§ MR. WALPOLE
said, there was nothing compulsory in this clause, which, in fact, was merely to enable the Crown to apportion the number of men in each district.
MR. VERNON SMITH
thought that the Committee should have an opportunity afforded it of considering the various things mentioned in this clause.
The ATTORNEY GENERAL
begged to be allowed to explain the principle of a militia. It was, that a certain force be raised, in certain proportions, over different counties. In order to ascertain the number of men to serve, there must be quotas arranged for each county, and it was absolutely necessary they should ascertain the quota to serve in each county, whether the number was supplied by voluntary enlistment or by the ballot.
§ MR. ROEBUCK
wished to put this case: Supposing that there were ten counties who were each to supply ten men, that would make altogether a hundred men. Now, if fifty-five men volunteered from Ireland, how would they apportion the remaining number of men to each county?
§ MR. WALPOLE
said, that in the 10th Clause it would be seen the volunteers would be confined to persons residing in each county.
§ MR. C. VILLIERS
said, he did not understand why they could not dispose of the volunteer system in the Bill without reference to quotas.
§ MR. WALPOLE
said, if it were not intended to resort to the ballot, of course there would be no necessity for quotas.
§ SIR GEORGE GREY
asked, whether it was intended that the Lord Lieutenant of a county might enrol more than the quota of his county?
§ MR. WALPOLE
said, that the provisions of the 8th Clause would be necessary only in the event of having recourse to the ballot; and that by the 10th Clause they would raise a certain amount of volunteers in each county, and probably only the proportionate number which each county ought to furnish; but he had prepared a proviso to that clause to the effect that when a county had furnished its proper number of volunteers, it should also be allowed to funish a supplemental number, with the view of raising the whole number of men required in the aggregate.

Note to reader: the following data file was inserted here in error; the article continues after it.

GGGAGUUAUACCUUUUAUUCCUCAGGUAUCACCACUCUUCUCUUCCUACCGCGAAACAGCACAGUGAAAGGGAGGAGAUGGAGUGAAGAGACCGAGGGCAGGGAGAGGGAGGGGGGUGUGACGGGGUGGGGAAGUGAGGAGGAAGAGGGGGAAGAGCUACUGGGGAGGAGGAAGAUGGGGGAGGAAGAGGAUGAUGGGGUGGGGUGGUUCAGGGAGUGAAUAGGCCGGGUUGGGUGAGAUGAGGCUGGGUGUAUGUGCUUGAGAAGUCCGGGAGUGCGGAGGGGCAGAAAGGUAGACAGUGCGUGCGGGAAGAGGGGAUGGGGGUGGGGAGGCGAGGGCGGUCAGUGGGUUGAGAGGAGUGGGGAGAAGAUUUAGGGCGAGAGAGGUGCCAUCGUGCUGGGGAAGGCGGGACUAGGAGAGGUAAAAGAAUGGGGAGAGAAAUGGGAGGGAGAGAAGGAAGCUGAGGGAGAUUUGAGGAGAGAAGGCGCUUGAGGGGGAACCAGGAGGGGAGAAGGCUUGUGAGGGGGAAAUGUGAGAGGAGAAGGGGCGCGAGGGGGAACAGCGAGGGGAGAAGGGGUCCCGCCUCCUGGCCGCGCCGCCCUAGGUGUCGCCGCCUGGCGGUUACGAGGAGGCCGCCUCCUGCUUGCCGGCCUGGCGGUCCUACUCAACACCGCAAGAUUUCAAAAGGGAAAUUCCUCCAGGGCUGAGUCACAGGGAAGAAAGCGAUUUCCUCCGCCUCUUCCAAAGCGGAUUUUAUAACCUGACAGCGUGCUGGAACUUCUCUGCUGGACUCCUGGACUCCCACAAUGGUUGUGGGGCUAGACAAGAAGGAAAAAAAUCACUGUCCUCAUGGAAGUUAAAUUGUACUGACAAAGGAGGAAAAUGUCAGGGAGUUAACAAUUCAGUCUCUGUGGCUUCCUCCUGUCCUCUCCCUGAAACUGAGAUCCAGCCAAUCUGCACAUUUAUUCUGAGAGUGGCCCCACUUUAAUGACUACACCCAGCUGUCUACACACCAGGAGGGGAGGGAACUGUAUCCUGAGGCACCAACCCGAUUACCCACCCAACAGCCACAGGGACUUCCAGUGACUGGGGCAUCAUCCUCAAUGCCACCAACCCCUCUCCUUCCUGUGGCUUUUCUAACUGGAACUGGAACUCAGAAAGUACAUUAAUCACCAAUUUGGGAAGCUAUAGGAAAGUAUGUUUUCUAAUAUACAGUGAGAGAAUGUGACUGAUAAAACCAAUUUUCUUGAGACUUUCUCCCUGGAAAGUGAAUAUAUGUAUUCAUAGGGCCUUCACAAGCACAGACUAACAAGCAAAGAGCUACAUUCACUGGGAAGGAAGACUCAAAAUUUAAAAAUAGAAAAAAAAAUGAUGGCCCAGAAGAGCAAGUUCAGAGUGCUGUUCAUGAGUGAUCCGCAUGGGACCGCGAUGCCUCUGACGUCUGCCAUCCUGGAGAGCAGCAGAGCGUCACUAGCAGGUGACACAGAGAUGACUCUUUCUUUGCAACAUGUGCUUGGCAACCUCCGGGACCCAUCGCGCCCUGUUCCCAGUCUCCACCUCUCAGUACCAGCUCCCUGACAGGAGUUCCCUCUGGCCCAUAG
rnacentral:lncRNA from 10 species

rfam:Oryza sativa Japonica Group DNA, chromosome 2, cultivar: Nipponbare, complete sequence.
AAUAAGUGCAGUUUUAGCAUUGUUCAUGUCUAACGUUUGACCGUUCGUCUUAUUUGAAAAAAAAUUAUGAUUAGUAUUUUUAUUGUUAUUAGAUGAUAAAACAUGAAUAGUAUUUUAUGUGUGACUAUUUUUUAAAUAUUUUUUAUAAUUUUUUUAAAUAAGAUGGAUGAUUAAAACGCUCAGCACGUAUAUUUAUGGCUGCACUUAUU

§ SIR CHARLES WOOD
declared himself to be still at a loss to understand the meaning of the Government. The question was, whether the Government intended by the Bill to say that, in the first instance, a certain number of men should be the quota for each county by voluntary enlistment or by ballot, or was it the intention to raise 80,000 men by voluntary enlistment from whatever parts of the country they could be got?
§ MR. WALPOLE
said, if the right hon. Gentleman would take the Bill in his hand 490 and examine it, he would see that there were three divisions, and that down to the end of the 9th Clause it provided that a certain number of men were to be raised as a militia force; it would follow, therefore, as a matter of course, that these men would be raised in the ordinary way that the militia had hitherto been raised under the 42 Geo. III., namely, by having recourse to the ballot. For that purpose it was necessary to fix the proper quota which each county was to furnish, giving the Queen in Council the power to alter those quotas as might be deemed necessary. From the 10th to the end of the 15th Clause it was provided, that in the operation of raising the force, the necessity for the ballot might be superseded by allowing men to volunteer. And from the 15th Clause the Bill enabled the Crown to have recourse to the ballot, after giving credit to the different counties, subdivisions of counties, and parishes, for the number of men they had furnished by voluntary enlistment. The passing of this clause would, therefore, be simply to say, that if recourse were had to the ballot under the 42 Geo. III., the Crown should have the power of fixing the quotas.